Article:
He explained that he is absorbing much of the increased cost of meat, with the price of a cow rising by $430.

According to economist Nasr Abdel Karim: “The Palestinian economic crisis is a complex situation that is linked to different circumstances that affect it directly and indirectly, such as the Ukrainian-Russian war which has indirectly affected the economy through the joint trade channel with Ukraine, in addition to the clear and significant impact of the Israeli-occupation policies followed by the Palestinian government.”

Mohammad Shaheen, a spokesperson for the Consumer Protection Association, said that the suggested measures to ease the retail crisis do not fall only on the government alone but also on consumers, who must adjust to a new shopping culture in which they adjust their retail habits to match their incomes and purchasing power.

Ibrahim Al-Qadi, the head of consumer protection at the Palestinian Ministry of National Economy, said efforts are being made to control rising prices, either by sourcing local products as an alternative to import, or through assistance from neighboring countries that can quickly and easily supply the Palestinian market.

Ibrahim Melhem, a spokesperson for the PA, told Arab News: “The government has paid $43 million to support basic commodities such as fuel, electricity and foodstuffs, and has tightened control over merchants and called on them not to raise prices, to mitigate the repercussions of the global food crisis on the local Palestinian market.”


Lebanon plans to send refugees back to Syria within months

Lebanon plans to send refugees back to Syria within months
Updated 06 July 2022

Lebanon plans to send refugees back to Syria within months

Lebanon plans to send refugees back to Syria within months
  • Lebanon has one of the world’s highest numbers of refugees per capita and currently hosts over 1 million Syrians who fled the decade-old conflict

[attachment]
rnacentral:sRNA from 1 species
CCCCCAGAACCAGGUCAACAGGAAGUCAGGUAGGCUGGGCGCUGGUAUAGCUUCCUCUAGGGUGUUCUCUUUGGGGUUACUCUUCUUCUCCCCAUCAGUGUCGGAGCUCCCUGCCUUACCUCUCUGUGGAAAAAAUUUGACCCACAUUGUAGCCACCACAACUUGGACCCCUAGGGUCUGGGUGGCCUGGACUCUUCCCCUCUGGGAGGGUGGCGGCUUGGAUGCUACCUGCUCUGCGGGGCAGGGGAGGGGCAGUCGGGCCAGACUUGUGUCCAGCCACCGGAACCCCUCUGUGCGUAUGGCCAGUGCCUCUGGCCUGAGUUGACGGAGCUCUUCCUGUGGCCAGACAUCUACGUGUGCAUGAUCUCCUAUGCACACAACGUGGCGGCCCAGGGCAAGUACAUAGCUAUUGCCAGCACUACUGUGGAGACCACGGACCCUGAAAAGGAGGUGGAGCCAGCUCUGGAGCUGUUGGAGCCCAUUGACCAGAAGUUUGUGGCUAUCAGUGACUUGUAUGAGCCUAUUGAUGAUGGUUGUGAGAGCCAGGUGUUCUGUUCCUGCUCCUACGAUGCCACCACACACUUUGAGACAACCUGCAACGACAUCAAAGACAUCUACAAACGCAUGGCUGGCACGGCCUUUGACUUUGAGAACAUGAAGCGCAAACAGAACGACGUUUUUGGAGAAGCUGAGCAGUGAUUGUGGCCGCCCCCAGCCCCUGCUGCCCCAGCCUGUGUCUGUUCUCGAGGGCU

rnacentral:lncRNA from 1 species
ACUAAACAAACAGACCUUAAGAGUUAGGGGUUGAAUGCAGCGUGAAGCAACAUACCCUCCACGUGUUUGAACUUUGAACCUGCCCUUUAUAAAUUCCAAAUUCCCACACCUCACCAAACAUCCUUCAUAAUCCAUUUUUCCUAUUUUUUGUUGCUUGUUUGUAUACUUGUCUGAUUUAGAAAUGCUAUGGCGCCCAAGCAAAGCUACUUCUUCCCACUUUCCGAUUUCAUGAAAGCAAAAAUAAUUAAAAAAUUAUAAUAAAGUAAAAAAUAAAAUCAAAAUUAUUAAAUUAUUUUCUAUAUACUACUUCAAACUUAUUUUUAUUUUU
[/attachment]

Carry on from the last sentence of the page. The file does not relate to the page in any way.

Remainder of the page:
BEIRUT: Lebanon plans to start sending back tens of thousands of Syrian refugees within months over objections by the UN and rights groups, a minister said in an interview on Wednesday.

Lebanon has one of the world’s highest numbers of refugees per capita and currently hosts over 1 million Syrians who fled the decade-old conflict. Officials say the influx has cost Lebanon billions of dollars and further damaged its crippled infrastructure while it struggles with a financial meltdown.

“We are serious about implementing this plan and we hope to do so within months,” Issam Charafeddine, Lebanon’s caretaker minister of the displaced, said. “This is a humane, honorable, patriotic and economic plan that is necessary for Lebanon.”

The Lebanese government’s plan would entail sending back 15,000 Syrian refugees every month.

The UN High Commissioner for Refugees and rights groups oppose involuntary repatriation to Syria and say the practice risks endangering the returning refugees.

The UN refugee agency in a press statement denied that it is engaged in negotiations with Beirut and Damascus on refugee returns.

“UNHCR continues to call on the government of Lebanon to respect the fundamental right of all refugees to a voluntary, safe and dignified return,” the statement read.

The UN  estimates that 90 percent of Syrian refugee households live in extreme poverty. But since late 2019, poverty has worsened for both Lebanese and Syrians as the Mediterranean country continues to struggle with crippling economic crisis. Sky-rocketing fuel prices coupled with a currency collapse has meant many essential commodities are now out of reach.